Thursday, August 28, 2014

Covanta goes to blows with Energy Justice Network

A heavy weight fight took place last night in Primos, Pennsylvania at the Delaware County Daily Times Headquarter Arena and broadcasted live on U-Stream

In one corner was John Waffenschmidt, vice president of environmental science and community affairs for Covanta. In the other corner was Mike Ewall, founder and director of Energy Justice Network. The cut woman was Shelia Hyland, Chester community activist, and the water was provided by Hope Hyland, Shelia’s daughter. The event was refereed by Phil Heron, editor of the Daily Times.

After the introductions and weigh in, the battle began. The smooth, articulate, and deadpan Waffenschmidt came out swinging with his technical overview explaining how the Chester plant was playing by the rules and the new trash coming in from residential New York City will be replacing some commercial trash currently coming in resulting in no net difference in the amount of waste burned in Chester.

Ewall, a fast moving target with a quick jab, took shots to challenge claims by Covanta that they are burning near, and sometimes above capacity. Waffenschmidt countered with evidence that plant maintenance and a bad winter accounted for them reporting a lower than normal burn rate than their normal ‘balls-to-the-wall’ operating posture. And, the operators running the plant do a great job making sure the plant plays by the rules.

The middle rounds focused on pollution at Covanta and health issues it creates in Chester. Waffenschmidt continued his technical approach to explaining that they are well within the guidelines set by environmental agencies and Ewall retorted that more needs to be done based on how large a polluter Covanta is with regard to the community that surrounds it.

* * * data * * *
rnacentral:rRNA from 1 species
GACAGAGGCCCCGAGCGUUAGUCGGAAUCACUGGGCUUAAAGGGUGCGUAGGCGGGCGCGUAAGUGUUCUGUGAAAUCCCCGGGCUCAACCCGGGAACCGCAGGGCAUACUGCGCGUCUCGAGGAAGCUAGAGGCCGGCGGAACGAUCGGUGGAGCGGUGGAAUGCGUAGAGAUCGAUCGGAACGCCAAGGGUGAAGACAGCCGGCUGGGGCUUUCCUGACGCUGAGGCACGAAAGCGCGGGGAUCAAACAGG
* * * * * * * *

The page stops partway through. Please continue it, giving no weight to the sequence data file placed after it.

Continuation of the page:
Ewall was relentless as he continued to punch with facts regarding specific plant emissions that are not monitored on a daily basis and how the government only checks some of the most dangerous pollutants once or twice a year, giving notice to Covanta when they’re coming so Covanta can scale down operations and pass inspections. 

Referee Heron asked Waffenschmidt if any of the 8 new jobs would go to Chester residents. He answered that Covanta is not allowed to bias the selection process and must be fair and equitable to all qualified applicants or risk a legal claim.

Cut lady Sheila Hyland interjected the concerns of the community regarding cancer, tumors, asthma, and city council selling the citizens out by approving the new construction by Covanta to accept the new New York trash. When Waffenschmidt invited her to his facility to go over pollution controls and the policies that dictate them, Hyland said that because of her asthma, she could not come near his place. She has a bad reaction anywhere near the riverfront without her inhalers. 

It was a great battle that is definitely far from over.


During the post fight interview, water girl Hope Hyland said that she hopes people make an effort to try to act like they care, and Ewall said this is the most organized he’s seen Chester people on environmental issues in the 20 years he’s worked with them. He closed with the need for Delaware County people getting involved because the issue affects them, too. 

3 comments:

  1. Was that supposed to be a clever article

    ReplyDelete
  2. I think it was an informative article and I think it was a much needed article.

    ReplyDelete